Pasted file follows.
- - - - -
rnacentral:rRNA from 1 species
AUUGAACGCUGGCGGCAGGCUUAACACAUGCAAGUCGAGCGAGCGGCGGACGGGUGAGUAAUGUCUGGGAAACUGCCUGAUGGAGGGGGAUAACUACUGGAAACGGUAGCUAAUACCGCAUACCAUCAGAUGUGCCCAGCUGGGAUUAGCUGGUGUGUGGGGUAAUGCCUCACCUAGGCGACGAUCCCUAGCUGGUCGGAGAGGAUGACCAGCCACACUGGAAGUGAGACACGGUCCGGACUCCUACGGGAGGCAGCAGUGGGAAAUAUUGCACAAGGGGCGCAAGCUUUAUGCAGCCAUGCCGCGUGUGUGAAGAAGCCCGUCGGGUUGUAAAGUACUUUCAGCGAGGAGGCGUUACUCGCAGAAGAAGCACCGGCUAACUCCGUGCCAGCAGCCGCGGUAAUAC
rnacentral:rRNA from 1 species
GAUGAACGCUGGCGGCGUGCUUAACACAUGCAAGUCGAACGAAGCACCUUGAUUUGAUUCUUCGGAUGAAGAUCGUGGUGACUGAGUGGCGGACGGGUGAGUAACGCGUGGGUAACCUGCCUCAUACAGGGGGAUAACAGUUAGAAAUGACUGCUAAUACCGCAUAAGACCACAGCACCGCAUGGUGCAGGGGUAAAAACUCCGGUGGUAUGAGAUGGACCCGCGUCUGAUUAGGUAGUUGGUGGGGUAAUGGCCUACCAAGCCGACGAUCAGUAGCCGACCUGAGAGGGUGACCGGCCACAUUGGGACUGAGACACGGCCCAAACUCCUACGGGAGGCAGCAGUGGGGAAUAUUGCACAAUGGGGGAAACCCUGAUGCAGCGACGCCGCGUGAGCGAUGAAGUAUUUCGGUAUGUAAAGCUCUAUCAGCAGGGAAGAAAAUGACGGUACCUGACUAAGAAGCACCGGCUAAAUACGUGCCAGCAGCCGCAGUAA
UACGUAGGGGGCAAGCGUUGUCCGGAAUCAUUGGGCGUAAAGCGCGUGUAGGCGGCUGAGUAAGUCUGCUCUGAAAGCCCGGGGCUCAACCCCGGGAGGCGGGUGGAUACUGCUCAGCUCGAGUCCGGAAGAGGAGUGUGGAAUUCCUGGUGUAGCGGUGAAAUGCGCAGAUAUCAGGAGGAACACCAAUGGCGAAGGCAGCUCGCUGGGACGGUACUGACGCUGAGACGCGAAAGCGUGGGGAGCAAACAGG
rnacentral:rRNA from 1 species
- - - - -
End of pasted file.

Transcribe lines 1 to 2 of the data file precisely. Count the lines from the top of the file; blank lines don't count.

rnacentral:rRNA from 1 species
AUUGAACGCUGGCGGCAGGCUUAACACAUGCAAGUCGAGCGAGCGGCGGACGGGUGAGUAAUGUCUGGGAAACUGCCUGAUGGAGGGGGAUAACUACUGGAAACGGUAGCUAAUACCGCAUACCAUCAGAUGUGCCCAGCUGGGAUUAGCUGGUGUGUGGGGUAAUGCCUCACCUAGGCGACGAUCCCUAGCUGGUCGGAGAGGAUGACCAGCCACACUGGAAGUGAGACACGGUCCGGACUCCUACGGGAGGCAGCAGUGGGAAAUAUUGCACAAGGGGCGCAAGCUUUAUGCAGCCAUGCCGCGUGUGUGAAGAAGCCCGUCGGGUUGUAAAGUACUUUCAGCGAGGAGGCGUUACUCGCAGAAGAAGCACCGGCUAACUCCGUGCCAGCAGCCGCGGUAAUAC